Lewis Mumford, Susanne Langer, Neil Postman, Harold Innis, Marshall McLuhan, Walter Ong, Gregory Bateson, Edward Hall, Jacques Ellul, Walter Benjamin, Jack Goody…
New York School, Toronto School, Chicago School, Palo Alto School, the ‘invisible college’, school of culture and personality, Cambridge School…
Technics and culture, orality and literacy, media aesthetics, symbolic forms, ecology of communication, cybernetics, system theory…
Paolo Granata teaches Cultural Heritage Management, and Media, Culture and Public Memory at the University of Bologna. His main research interests are: Aesthetics, Media Theory, Philosophy of Technology, Museum Communication, and Contemporary Arts. His main books are: Arte in Rete (2001), Arte, estetica e nuovi media (2009), Mediabilia (2012), Ecologia dei media (2015). Currently (2016-2017) he is Visiting Professor, Research Fellow, and Program Curator at the McLuhan Centre for Culture & Technology, Faculty of Information (iSchool), University of Toronto.
There is a story that has gone around for a while, retold a few years ago by the American writer David Foster Wallace. The story is about two young fish that swim around carefree and joyful. They happen to meet an older fish swimming the other way, who nods at them and says: «Morning, boys, how’s the water?». The two young fish swim on for a bit, and then eventually one of them looks over at the other and goes,: «Water? What the hell is water?».
The point of the story is quite transparent but far from banal. Sometimes we fail to realize what is most obvious. We get what is around us for granted but are we really aware of it? Many aspects of daily life are almost unknown to us precisely because they have always been part of our existence, and therefore become almost invisible. Yet, the context that surrounds human experience and becomes its background silently impacts its development. The point is that we are not fully aware of it. Water is all around us and we have been swimming in it for a long time. Even Einstein said once: «What does a fish know about the water in which he swims all his life?».
That question may well be what sparked the intellectual adventure described in this book. If water is the medium the two young fish swim in, what do we know about the media in the midst of which we lead our lives? This rhetorical question hides an insight. The media environment that surrounds us is in many ways imperceptible because we take it for granted ‒ just like water is imperceptible and obvious for the two young fish. If we want to know more about this imperceptible presence, we need to start developing a new awareness of how we consider the media around us. This is not just a matter of getting to know or learn how to use them. It rather means learning how to live with and within them. Rather than considering the media as mere tools that can be used more or less adequately, we should consider them for what they are, actual environments within which we lead our lives; environments that shape our experiences.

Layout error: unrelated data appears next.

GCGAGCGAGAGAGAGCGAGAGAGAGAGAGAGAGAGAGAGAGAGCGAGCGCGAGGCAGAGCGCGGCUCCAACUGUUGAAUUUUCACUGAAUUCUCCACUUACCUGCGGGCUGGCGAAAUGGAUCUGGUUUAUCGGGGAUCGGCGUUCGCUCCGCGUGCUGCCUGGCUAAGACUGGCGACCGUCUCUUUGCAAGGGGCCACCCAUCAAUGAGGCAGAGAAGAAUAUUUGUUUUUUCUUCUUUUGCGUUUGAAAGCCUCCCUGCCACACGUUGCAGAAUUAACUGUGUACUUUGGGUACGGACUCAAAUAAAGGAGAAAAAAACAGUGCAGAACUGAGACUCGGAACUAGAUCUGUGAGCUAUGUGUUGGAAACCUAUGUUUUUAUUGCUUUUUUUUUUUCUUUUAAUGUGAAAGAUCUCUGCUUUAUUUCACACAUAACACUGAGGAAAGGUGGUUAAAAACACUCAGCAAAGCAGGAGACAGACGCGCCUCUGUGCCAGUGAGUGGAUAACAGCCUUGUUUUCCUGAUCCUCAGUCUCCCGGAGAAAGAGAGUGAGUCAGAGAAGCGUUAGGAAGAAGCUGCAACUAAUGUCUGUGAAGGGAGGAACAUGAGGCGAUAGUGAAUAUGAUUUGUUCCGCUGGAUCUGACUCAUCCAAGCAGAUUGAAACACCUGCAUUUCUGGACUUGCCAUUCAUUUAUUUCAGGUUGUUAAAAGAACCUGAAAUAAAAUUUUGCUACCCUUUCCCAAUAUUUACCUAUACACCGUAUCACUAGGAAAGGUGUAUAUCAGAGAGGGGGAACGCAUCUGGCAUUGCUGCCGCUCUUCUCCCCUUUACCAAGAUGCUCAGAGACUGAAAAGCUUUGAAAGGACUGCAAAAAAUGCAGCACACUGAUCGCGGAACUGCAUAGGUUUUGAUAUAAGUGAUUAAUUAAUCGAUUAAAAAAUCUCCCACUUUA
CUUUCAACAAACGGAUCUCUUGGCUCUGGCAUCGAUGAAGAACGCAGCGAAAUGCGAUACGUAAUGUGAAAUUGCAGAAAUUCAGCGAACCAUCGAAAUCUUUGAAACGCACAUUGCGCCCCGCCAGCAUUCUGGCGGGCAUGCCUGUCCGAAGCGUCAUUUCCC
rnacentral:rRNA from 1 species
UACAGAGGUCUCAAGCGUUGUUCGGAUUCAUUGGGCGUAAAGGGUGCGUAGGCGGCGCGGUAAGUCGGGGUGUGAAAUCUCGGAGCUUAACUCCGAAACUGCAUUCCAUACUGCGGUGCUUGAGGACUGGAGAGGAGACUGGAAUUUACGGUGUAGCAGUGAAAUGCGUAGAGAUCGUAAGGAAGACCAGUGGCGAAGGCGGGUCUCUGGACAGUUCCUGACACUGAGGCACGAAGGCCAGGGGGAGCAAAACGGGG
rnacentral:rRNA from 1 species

Indeed, almost anything we think and feel happens within the media environment. Daily experience happens within them. Whether we want it or not, whether we are aware of it or not, we act and live within the media; they really are our environment. That doesn’t mean that our life is defined by the media, rather it constantly interacts with and is transformed by them in a process of mutual influence. In other words, the media are our habitat, the real structure of that invisible and complex network that is the human ecosystem. Considering the media in these terms means accepting the idea that there is an ecology of the media that we deal with daily.
During the 1960s, the Canadian thinker Marshall McLuhan, one of the pioneers of the intellectual tradition explored by this book, told his own, slightly more provocative, story about fish and water: «Does a fish know it’s wet? No. The fish’s existence is so dominated by water that only when water is absent is the fish aware of its condition». Well, that is precisely what the ecology of the media is set to discover. A constant discovery we can never be sure of achieving once and for all that, as such, rather becomes a sort of deliberate exploration of the deepest aspects of human culture.
An ecological approach to media studies, or thinking about the media as environments ‒ I hope this approach may help whoever decides to read this book – students, academicians or merely curious readers – start their own exploration with the awareness of being part of a larger – human, cultural, social, natural – system, a forever open, dynamic, complex and therefore endlessly fascinating and stimulating system. The ecology of the media is precisely aimed at promoting the kind of systemic conscience that underlies an ecological approach.
Living within the media with this kind of awareness means recognizing the role game we are inevitably called to play. Clearly, the rules of the game are made by man due to the constant process of social and cultural transformation that is inherent in human existence. And this book, as an attempt at presenting the authors, ideas and key principles of the ecology of the media, is nothing but another step in the process of understanding those same rules. But, once the game is on, all we can do is play, with the media, within the media.